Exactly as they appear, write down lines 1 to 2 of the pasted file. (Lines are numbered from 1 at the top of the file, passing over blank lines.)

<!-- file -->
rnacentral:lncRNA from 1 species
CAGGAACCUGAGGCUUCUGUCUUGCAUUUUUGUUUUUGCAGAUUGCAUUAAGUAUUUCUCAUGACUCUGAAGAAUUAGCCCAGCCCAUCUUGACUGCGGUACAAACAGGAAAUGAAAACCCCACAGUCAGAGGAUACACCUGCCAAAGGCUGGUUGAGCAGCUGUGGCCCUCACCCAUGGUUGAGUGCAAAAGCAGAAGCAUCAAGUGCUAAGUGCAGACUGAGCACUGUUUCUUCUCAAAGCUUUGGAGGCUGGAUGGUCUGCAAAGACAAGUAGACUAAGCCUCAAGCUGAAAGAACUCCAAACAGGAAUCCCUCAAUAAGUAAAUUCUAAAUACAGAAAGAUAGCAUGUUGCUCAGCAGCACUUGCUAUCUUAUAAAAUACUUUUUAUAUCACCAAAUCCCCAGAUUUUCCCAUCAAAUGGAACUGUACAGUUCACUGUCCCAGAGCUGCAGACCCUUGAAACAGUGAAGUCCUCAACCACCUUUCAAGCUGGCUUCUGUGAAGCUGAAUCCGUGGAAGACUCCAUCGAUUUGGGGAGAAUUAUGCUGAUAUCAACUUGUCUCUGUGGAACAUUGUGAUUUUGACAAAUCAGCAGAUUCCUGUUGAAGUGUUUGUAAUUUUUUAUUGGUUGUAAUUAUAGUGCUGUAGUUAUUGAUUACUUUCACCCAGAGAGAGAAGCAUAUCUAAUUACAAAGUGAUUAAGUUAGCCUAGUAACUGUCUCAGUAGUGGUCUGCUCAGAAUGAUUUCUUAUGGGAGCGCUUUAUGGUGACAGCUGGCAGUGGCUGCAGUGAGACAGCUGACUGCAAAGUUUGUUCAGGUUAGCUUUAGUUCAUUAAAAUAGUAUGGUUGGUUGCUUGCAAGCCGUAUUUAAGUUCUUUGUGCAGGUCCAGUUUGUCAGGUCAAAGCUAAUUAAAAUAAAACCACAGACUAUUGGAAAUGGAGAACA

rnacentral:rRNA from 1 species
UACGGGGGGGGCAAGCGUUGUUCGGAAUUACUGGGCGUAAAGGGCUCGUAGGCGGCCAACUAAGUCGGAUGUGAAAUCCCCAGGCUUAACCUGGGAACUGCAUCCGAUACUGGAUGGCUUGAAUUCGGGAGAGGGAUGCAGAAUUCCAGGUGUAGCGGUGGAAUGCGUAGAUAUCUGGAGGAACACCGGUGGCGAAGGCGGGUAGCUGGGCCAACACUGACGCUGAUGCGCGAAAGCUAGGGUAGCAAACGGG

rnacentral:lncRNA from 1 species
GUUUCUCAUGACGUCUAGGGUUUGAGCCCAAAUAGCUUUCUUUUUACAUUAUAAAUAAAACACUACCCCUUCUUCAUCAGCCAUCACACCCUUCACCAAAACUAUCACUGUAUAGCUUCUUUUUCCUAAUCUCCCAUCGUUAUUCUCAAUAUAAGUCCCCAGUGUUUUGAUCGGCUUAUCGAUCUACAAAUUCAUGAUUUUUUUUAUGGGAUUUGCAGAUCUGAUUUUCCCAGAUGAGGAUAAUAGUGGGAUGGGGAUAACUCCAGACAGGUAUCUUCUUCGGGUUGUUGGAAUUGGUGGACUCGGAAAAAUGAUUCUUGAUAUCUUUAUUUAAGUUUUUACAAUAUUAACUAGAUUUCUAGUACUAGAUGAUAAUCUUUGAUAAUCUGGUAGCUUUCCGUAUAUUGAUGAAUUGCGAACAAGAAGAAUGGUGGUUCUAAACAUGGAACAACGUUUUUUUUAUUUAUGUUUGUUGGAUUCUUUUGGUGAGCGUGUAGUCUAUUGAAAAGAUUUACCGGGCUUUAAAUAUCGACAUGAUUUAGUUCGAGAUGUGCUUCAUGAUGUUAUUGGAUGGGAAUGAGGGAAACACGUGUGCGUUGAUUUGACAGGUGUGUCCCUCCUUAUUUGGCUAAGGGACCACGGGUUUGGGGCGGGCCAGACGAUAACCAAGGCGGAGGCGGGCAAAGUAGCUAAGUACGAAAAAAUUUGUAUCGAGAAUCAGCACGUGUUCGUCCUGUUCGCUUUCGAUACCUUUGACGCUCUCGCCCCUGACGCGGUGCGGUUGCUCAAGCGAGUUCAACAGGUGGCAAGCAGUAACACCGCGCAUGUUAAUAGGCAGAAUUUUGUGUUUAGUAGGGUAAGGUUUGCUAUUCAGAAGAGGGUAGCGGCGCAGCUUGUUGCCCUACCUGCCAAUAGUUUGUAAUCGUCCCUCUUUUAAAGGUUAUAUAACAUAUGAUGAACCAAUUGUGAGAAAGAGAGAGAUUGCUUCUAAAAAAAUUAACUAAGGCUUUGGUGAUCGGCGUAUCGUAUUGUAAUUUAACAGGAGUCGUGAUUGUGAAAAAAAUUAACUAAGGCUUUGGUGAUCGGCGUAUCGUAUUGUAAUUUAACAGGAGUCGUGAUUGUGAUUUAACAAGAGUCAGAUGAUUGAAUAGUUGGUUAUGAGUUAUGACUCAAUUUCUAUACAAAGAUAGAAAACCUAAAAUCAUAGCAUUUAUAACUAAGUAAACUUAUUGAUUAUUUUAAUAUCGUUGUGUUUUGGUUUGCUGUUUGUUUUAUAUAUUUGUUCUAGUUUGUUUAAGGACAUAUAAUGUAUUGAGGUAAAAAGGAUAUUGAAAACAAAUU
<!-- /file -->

rnacentral:lncRNA from 1 species
CAGGAACCUGAGGCUUCUGUCUUGCAUUUUUGUUUUUGCAGAUUGCAUUAAGUAUUUCUCAUGACUCUGAAGAAUUAGCCCAGCCCAUCUUGACUGCGGUACAAACAGGAAAUGAAAACCCCACAGUCAGAGGAUACACCUGCCAAAGGCUGGUUGAGCAGCUGUGGCCCUCACCCAUGGUUGAGUGCAAAAGCAGAAGCAUCAAGUGCUAAGUGCAGACUGAGCACUGUUUCUUCUCAAAGCUUUGGAGGCUGGAUGGUCUGCAAAGACAAGUAGACUAAGCCUCAAGCUGAAAGAACUCCAAACAGGAAUCCCUCAAUAAGUAAAUUCUAAAUACAGAAAGAUAGCAUGUUGCUCAGCAGCACUUGCUAUCUUAUAAAAUACUUUUUAUAUCACCAAAUCCCCAGAUUUUCCCAUCAAAUGGAACUGUACAGUUCACUGUCCCAGAGCUGCAGACCCUUGAAACAGUGAAGUCCUCAACCACCUUUCAAGCUGGCUUCUGUGAAGCUGAAUCCGUGGAAGACUCCAUCGAUUUGGGGAGAAUUAUGCUGAUAUCAACUUGUCUCUGUGGAACAUUGUGAUUUUGACAAAUCAGCAGAUUCCUGUUGAAGUGUUUGUAAUUUUUUAUUGGUUGUAAUUAUAGUGCUGUAGUUAUUGAUUACUUUCACCCAGAGAGAGAAGCAUAUCUAAUUACAAAGUGAUUAAGUUAGCCUAGUAACUGUCUCAGUAGUGGUCUGCUCAGAAUGAUUUCUUAUGGGAGCGCUUUAUGGUGACAGCUGGCAGUGGCUGCAGUGAGACAGCUGACUGCAAAGUUUGUUCAGGUUAGCUUUAGUUCAUUAAAAUAGUAUGGUUGGUUGCUUGCAAGCCGUAUUUAAGUUCUUUGUGCAGGUCCAGUUUGUCAGGUCAAAGCUAAUUAAAAUAAAACCACAGACUAUUGGAAAUGGAGAACA